- Promise, The
- Belko Experiment, The
- Finding Fatimah
- Free Fire
- Their Finest
- Fast & Furious 8
- Hatton Garden Job, The
- Boss Baby, The (3D)
- Autopsy of Jane Doe, The
- Lost City of Z, The
- City of Tiny Lights
- Quiet Passion, A
- Void, The
- Man Down
- Ghost in the Shell (3D)
- Zip & Zap and the Marble Gang
Star Trek Into Darkness (3D) (AF)
Stars: Chris Pine, Zachary Quinto, Zoe Saldana, Karl Urban, Simon Pegg, John Cho, Benedict Cumberbatch, Anton Yelchin, Bruce Greenwood, Peter Weller, Alice Eve
Director: J J Abrams
The USS Enterprise soars through space again.
That’s obviously terrific news for Trekkies/Trekkers who have rightly been desperate to see J J Abrams’ second big-screen reboot of the classic series at any price. And it’s great news, too, for regular moviegoers who enjoy a good science fiction adventure, powerfully told and one that, moreover, vividly demonstrate that Abrams and his scenarists Roberto Orci, Alex Kurtzman and Damon Lindelof understand the essential appeal of Gene Roddenberry’s creation and, moreover, have cast it cleverly.
Abrams starts off running – as are Chris Pine’s Kirk and Karl Urban's Dr McCoy who are fleeing pasty-faced aliens on a bizarre world before the USS Enterprise rises from under the water and they are saved.
After Kirk loses the captaincy of the USS Enterprise and he and Zachary Quinto’s Mr Spock fall out (Vulcans are unable to lie and therefore cannot become Members of Parliament or publicists). But, naturally, they bond again in the face of super-villain Harrison, sleekly played by Benedict Cumberbatch, who informs Kirk, “You think your world is safe? It is an illusion. A comforting lie told to protect you. Enjoy these final moments of peace. For I have returned to have my vengeance”. And he keeps his word, first by exploding a massive bomb in 2259 London and then joining Kirk and the crew of the USS Enterprise to boldly go where no man has gone before, to save civilization as we know it, Jim…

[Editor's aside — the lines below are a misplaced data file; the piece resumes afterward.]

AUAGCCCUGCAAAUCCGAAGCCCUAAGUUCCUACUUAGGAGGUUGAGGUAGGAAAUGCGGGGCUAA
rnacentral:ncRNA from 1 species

Abrams understands perfectly Roddenberry’s format, which was to concentrate on characters, their relationships and their reactions to disaster, as his storytelling proves. The special effects used in the original television series were frequently ludicrous, as were the often-daft studio sets that ‘created’ alien worlds.
Here, while never overwhelming his characters with movie magic (Pine, Pinto, Cumberbatch and company are as perfect as required) Abrams deploys state of the art special effects to tremendous effect, gloriously bringing ‘Star Trek’ into the 21st century once again. Comedy – and the film is spiced with sharp wit – adds to the overall impact (although, I imagine, Simon Pegg’s ludicrous Scottish accent as engineer Mr Scott was not intended to be amusing which, embarrassingly for the actor, it unintentionally is).
In essence there are no dull moments, with Abrams starting fast and then making sure the show never loses momentum as one superb character-driven action sequence follows another.
Even better, a sequel is signalled.
USA 2013. UK Distributor: Paramount. Colour by deluxe.
130 minutes. Widescreen. UK certificate: 12A.
Guidance ratings (out of 3): Sex/nudity 0, Violence/Horror 2, Drugs 0, Swearing 1.
Review date: 09 May 2013